***** WASHOKU : General Information

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Waseda Kankyo Juku

[ . BACK to WORLDKIGO TOP . ]

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Waseda School of Environment
早稲田環境塾
(Waseda Kankyoo Juku)
Waseda Kankyo Juku
founded by 原 剛 Hara Takeshi





Kankyo Nihongaku 環境日本学
Reference


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'Sustainability' in a Japanese way
By STEPHEN HESSE

Takeshi Hara is an accomplished journalist, author and educator, and at 70 years of age he could easily choose to rest on his laurels.
But with the energy of a teenager and a "Never give up!" motto, he is dedicated to promoting environmental sustainability based on Japanese history and culture.

As fate would have it, Hara contacted me while I was writing my January column about environmental education and social change. He asked if I was interested in hearing about his latest project — and piqued my interest with mention of what he calls
"Environmental Japanology."
環境日本学 Kankyo Nihon Gaku

Hara graduated from the Waseda University law faculty and became a career journalist with the Mainichi Shimbun newspaper. He has published numerous books in Japanese on the environment, and in 1993 he won a United Nations Environment Programme (UNEP) Global 500 Award for his work in broadcasting. In 1998 he became a professor in Waseda's Graduate School of Asia-Pacific Studies, and is now a visiting professor there and at the Tokyo University of Agriculture.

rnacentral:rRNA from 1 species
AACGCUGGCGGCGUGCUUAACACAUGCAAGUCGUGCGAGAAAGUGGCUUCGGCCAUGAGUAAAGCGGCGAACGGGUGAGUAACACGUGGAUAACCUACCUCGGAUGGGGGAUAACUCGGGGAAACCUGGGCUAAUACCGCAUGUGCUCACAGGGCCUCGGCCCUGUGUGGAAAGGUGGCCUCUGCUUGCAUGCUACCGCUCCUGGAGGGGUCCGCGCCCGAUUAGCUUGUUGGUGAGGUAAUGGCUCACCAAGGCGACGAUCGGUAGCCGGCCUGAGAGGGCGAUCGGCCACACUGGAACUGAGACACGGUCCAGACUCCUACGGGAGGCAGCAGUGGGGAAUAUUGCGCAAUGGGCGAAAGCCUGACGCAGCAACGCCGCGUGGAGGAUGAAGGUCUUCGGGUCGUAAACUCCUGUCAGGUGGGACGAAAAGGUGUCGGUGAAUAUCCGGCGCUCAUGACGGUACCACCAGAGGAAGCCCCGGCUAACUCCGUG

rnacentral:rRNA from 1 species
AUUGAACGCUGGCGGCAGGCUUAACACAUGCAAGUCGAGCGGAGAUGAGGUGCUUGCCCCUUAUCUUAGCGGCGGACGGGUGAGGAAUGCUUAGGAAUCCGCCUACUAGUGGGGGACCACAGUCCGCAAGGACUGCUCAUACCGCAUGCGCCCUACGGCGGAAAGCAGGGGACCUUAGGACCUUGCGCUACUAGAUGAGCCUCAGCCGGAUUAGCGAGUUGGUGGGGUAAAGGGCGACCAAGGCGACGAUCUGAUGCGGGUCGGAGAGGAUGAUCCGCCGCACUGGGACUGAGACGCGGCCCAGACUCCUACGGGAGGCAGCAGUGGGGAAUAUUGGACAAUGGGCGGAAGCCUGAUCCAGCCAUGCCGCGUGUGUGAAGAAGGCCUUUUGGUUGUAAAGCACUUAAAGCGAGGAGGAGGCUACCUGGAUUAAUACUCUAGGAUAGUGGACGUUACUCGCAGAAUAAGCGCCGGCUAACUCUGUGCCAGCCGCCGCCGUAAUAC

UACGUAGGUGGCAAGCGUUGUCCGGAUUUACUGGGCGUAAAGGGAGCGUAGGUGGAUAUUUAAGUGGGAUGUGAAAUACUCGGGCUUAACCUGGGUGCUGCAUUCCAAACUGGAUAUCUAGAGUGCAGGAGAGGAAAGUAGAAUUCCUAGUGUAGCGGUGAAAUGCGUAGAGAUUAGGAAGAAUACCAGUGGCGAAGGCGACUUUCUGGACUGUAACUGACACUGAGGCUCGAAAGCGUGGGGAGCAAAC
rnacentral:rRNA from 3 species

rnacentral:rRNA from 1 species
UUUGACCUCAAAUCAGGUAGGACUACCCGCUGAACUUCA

These days, however, Hara's passion is Waseda Kankyou Jyuku. The English name, Waseda School of Environment (WSE), has a slightly different meaning than the Japanese, so when we met at his office I asked him why he called it a juku (cram school) rather than a Japanese equivalent of "institute" or "school."

"The term juku is known commonly in China and Japan as a place where students study with a founder and study the founder's philosophy," explains Hara, who heads the school. "The idea is that it is a private school independent from societal constraints and restrictions. Our juku receives corporate support but it is nonprofit and transparent."

The goal of WSE is to educate and inspire "active leaders" who are committed to innovation in order to promote the sustainability of Japanese society and the planet.

"Over the past 50 years, industrial Japan has gone through periods of destruction and renaissance, and WSE hopes to establish 'Environmental Japanology' as a means of uniting Japan's modernization and cultural traditions, in pursuit of a sustainable society," says Hara.